In Less Than a Day, Group Drops Its Global Warming Ad Campaign
By RACHEL NUWER
Published: May 5, 2012
A new ad campaign comparing people who believe in global warmingto murderers has foundered, with its conservative sponsor pulling a digital billboard down less than 24 hours after it went up in Chicago.
Times Topic: Global Warming & Climate Change
Drivers cruising along the city’s inbound Eisenhower Expressway on Friday may have been surprised to seeTheodore J. Kaczynski, known as the Unabomber, staring at them from ahuge billboard. “I still believe in global warming. Do you?” the billboard said in large maroon letters. Just below was the Web addresswww.heartland.org.
The billboard, described as one of a series, was sponsored by the Heartland Institute, a libertarian organization based in Chicago that describes its chief mission as promoting free-market solutions to social and economic problems. Recently, though, the institute has drawn considerably more media attention for its efforts to advance skepticism about climate change.
In opening the billboard campaign late Thursday, Heartland announced on its Web site that Mr. Kaczynski would not be the only grim figure gazing down on Chicago commuters. Joining him would be Charles Manson, Fidel Castro, Osama bin Laden and James J. Lee, the institute said.
It said it chose to feature “some of the world’s most notorious killers” on the billboards “because what these murderers and madmen have said differs very little from what spokespersons for the United Nations, journalists for the ‘mainstream’ media and liberal politicians say about global warming.”
The institute did acknowledge that “not all global warming alarmists are murderers and tyrants.”
But late Friday afternoon, the organization canceled the campaign, which had drawn criticism from some global warming skeptics as well as those who embrace mainstream climate science.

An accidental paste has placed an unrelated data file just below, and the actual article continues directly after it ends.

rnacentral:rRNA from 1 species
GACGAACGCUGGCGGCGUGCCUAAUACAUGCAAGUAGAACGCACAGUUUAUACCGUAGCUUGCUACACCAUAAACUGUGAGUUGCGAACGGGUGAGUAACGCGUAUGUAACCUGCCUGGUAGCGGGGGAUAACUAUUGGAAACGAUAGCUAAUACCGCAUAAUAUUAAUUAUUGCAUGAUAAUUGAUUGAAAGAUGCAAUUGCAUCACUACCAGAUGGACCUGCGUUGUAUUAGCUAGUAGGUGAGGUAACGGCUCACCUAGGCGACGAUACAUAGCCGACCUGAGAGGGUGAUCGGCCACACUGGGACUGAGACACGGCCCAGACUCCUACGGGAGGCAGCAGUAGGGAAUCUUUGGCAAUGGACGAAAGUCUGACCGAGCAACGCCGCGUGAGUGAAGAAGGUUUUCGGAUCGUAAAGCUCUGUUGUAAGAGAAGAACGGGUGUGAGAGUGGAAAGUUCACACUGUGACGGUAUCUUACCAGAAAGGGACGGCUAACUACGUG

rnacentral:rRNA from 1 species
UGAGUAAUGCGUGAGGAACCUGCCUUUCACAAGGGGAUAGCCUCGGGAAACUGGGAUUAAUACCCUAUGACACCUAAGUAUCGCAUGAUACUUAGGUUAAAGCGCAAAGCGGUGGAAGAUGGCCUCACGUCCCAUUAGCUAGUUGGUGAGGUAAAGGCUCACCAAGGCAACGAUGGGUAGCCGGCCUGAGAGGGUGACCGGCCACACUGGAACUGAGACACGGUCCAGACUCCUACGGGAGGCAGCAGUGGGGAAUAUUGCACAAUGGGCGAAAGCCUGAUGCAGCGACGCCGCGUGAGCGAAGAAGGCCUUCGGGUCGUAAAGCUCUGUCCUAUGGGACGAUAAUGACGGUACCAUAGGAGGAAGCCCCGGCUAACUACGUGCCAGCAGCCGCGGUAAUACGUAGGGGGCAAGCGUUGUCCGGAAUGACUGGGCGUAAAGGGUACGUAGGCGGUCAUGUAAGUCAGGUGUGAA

“We know that our billboard angered and disappointed many of Heartland’s friends and supporters, but we hope they understand what we were trying to do with this experiment,” the institute said in a statement. “We do not apologize for running the ad, and we will continue to experiment with ways to communicate the ‘realist’ message on the climate.”
The effort drew swift criticism from organizations like Media Matters for America, a liberal media monitoring group. But it was also skewered by some climate change skeptics, including Ross McKitrick, a Canadian economist who said he would not participate in a Heartland conference this month in Chicago unless the campaign was canceled.
“This kind of fallacious, juvenile and inflammatory rhetoric does nothing to enhance your reputation, hands your opponents a huge stick to beat you with, and sullies the reputation of the speakers you had recruited,” he wrote in a letter to Heartland’s president, Joseph Bast.
Read more in “Just Seconds From the Ocean,” “Storm Surge,” and “Sea Level Rising the Chatham Story.”